12.11 Effect of Lateral Contraction. 415

Solved Problems 416

Review Questions .. 430

Objective Questions . 430

Exercise Problems . 432

13 Dynamics of Fluid Flow.. 435

13.0 Introduction . 435

13.1 Impulse Momentum Principle .. 435

13.1.1 Forces Exerted on Pressure Conduits 436

13.1.2 Force Exerted on a Stationary Vane or Blade .. 438

13.2 Absolute and Relative Velocity Relations . 439

13.3 Force on a Moving Vane or Blade .. 439

13.4 Torque on Rotating Wheel .. 443

Solved Problems 445

Exercise Questions 450

14 Hydraulic Turbines. 452

14.0 Introduction . 452

14.1 Hydraulic Power Plant.. 452

14.2 Classification of Turbines 453

14.3 Similitude and Model Testing .. 453

14.3.1 Model and Prototype. 457

14.3.2 Unit Quantities 459

14.4 Turbine Efficiencies 460

14.5 Euler Turbine Equation 461

14.5.1 Components of Power Produced 462

14.6 Pelton Turbine 464

14.6.1 Power Development .. 466

14.6.2 Torque and Power and Efficiency Variation with Speed Ratio.. 470

14.7 Reaction Turbines 472

14.7.1 Francis Turbines . 473

14.8 Axial Flow Turbines 480

14.9 Cavitation in Hydraulic Machines . 482

14.9 Governing of Hydraulic Turbines .. 484

Worked Examples . 486

Review Questions .. 513

Objective Questions . 514

Exercise Problems . 515

15 Rotodynamic Pumps 519

15.0 Introduction . 519

15.1 Centrifugal Pumps .. 519

15.1.1 Impeller 521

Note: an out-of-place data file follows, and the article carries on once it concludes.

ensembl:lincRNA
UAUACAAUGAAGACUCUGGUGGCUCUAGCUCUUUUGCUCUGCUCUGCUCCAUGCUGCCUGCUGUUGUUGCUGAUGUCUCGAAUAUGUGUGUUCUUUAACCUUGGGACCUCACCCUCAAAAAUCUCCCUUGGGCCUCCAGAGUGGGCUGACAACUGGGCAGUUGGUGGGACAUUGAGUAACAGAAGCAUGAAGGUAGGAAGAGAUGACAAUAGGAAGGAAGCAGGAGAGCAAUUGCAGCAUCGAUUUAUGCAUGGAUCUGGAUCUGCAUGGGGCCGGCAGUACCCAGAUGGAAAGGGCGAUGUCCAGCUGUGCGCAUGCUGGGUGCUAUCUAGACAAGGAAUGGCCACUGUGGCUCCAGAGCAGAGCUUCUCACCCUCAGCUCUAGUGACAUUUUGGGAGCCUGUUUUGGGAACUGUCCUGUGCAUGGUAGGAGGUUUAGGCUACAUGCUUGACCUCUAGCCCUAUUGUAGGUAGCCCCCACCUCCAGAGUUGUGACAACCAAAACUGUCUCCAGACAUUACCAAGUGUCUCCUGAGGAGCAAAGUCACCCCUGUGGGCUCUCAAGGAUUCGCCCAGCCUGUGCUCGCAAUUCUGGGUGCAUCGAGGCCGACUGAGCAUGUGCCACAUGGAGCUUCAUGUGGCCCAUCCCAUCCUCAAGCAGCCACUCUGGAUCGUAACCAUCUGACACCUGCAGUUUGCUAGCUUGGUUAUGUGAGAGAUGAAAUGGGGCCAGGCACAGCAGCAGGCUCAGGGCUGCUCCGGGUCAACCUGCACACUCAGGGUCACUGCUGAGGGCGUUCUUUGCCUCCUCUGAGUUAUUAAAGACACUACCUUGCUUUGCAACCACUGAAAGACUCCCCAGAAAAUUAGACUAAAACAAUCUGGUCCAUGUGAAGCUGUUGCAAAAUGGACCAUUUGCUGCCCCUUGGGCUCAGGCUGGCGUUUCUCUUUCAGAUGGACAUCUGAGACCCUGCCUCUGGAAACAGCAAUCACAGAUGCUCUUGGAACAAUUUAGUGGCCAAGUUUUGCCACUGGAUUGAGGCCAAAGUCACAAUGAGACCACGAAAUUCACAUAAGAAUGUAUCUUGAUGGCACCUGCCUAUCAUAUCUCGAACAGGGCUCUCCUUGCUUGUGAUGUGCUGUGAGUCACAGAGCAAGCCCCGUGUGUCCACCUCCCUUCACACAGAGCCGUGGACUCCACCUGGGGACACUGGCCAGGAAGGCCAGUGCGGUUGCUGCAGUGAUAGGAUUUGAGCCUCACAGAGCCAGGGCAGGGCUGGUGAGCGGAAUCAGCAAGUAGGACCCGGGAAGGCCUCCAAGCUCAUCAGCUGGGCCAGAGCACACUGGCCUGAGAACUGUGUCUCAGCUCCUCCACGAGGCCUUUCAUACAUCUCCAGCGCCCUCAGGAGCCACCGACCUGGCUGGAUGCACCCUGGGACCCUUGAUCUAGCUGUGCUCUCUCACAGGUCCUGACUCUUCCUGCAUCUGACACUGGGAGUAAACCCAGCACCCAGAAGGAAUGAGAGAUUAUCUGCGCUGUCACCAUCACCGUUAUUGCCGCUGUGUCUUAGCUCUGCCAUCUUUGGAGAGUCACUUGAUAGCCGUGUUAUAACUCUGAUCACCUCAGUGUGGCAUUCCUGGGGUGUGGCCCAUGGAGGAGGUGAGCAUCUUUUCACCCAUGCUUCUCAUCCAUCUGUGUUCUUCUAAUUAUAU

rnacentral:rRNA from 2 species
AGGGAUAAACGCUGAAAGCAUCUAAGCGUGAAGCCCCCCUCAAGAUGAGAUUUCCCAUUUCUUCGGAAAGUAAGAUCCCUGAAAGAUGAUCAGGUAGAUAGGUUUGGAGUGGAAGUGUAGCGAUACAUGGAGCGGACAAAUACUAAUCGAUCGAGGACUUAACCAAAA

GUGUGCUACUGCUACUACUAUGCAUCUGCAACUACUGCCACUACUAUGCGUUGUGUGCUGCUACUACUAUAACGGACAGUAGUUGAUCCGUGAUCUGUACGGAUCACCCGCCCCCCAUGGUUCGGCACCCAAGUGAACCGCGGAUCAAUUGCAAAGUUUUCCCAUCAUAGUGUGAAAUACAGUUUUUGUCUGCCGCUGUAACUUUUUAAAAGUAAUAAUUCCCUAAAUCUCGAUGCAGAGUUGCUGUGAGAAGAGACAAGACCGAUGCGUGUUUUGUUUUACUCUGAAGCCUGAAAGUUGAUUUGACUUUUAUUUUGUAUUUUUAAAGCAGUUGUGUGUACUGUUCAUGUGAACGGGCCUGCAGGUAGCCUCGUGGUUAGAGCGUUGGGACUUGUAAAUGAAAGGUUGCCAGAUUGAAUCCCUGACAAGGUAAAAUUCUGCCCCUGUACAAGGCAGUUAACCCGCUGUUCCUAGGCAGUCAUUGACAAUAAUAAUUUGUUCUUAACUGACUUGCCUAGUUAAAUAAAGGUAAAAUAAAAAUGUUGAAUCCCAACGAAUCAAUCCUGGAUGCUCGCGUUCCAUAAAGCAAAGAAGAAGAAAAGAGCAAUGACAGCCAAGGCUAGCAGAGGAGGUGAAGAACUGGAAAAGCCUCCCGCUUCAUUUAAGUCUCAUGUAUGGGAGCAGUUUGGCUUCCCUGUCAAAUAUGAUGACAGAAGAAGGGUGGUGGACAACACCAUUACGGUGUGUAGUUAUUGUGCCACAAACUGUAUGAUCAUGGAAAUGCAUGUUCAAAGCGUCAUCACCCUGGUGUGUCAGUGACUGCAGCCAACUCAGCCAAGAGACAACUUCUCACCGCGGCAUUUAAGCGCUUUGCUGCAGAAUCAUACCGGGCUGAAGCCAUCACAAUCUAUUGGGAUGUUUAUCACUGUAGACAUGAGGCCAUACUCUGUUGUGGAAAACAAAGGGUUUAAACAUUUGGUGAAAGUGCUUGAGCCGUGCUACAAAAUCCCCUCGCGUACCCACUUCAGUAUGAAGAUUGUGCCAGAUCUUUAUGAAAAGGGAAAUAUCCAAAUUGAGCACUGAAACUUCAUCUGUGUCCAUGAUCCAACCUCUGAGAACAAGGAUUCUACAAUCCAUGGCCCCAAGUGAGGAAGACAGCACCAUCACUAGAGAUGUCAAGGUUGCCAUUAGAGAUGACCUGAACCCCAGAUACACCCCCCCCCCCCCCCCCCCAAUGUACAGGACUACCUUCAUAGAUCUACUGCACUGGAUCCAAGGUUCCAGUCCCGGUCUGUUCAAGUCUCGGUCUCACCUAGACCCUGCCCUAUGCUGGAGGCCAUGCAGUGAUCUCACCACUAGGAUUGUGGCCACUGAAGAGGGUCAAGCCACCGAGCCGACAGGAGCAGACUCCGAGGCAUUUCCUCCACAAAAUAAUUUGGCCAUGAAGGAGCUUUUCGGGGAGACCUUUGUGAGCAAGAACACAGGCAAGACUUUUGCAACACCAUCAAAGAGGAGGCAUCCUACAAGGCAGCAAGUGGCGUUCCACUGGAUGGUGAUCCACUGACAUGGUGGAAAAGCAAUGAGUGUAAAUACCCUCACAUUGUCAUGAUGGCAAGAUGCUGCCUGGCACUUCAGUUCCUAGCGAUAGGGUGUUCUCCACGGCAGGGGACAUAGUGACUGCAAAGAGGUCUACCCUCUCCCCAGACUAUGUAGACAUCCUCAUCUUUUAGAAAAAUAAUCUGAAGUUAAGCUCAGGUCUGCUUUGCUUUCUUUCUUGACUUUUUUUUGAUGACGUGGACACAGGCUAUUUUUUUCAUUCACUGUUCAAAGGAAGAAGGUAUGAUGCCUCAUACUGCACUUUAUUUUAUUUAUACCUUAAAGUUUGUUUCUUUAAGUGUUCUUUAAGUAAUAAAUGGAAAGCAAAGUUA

15.1.2 Classification . 521

15.2 Pressure Developed by the Impeller . 522

15.2.1 Manometric Head .. 523

15.3 Energy Transfer by Impeller . 523

15.3.1 Slip and Slip Factor .. 525

15.3.3 Losses in Centrifugal Pumps .. 525

15.3.4 Effect of Outlet Blade Angle 526

15.4 Pump Characteristics. 527

15.5 Operation of Pumps in Series and Parallel .. 529

15.6 Specific Speed and Significance .. 531

15.7 Cavitation . 532

15.8 Axial Flow Pump .. 533

15.9 Power Transmitting Systems 535

15.9.1 Fluid Coupling.. 535

15.9.2 Torque Converter 536

Solved Examples 538

Revierw Questions 556

Objective Questions . 556

Exercise Problems . 557

16 Reciprocating Pumps .. 560

16.0 Introduction . 560

16.1 Comparison .. 560

16.2 Description and Working . 560

16.3 Flow Rate and Power 562

16.3.1 Slip .. 563

16.4 Indicator Diagram 564

16.4.1 Acceleration Head .. 565

16.4.2 Minimum Speed of Rotation of Crank 569

16.4.3 Friction Head 570

16.5 Air Vessels 572

16.5.1 Flow into and out of Air Vessel .. 575

16.6 Rotary Positive Displacement Pumps . 576

16.6.1 Gear Pump.. 577

16.6.2 Lobe Pump .. 577

16.6.3 Vane Pump . 577

Solved Problems 578

Review Questions .. 587

Objective Questions . 587

Exercise Problems . 587

Appendix . 590

Index .. 595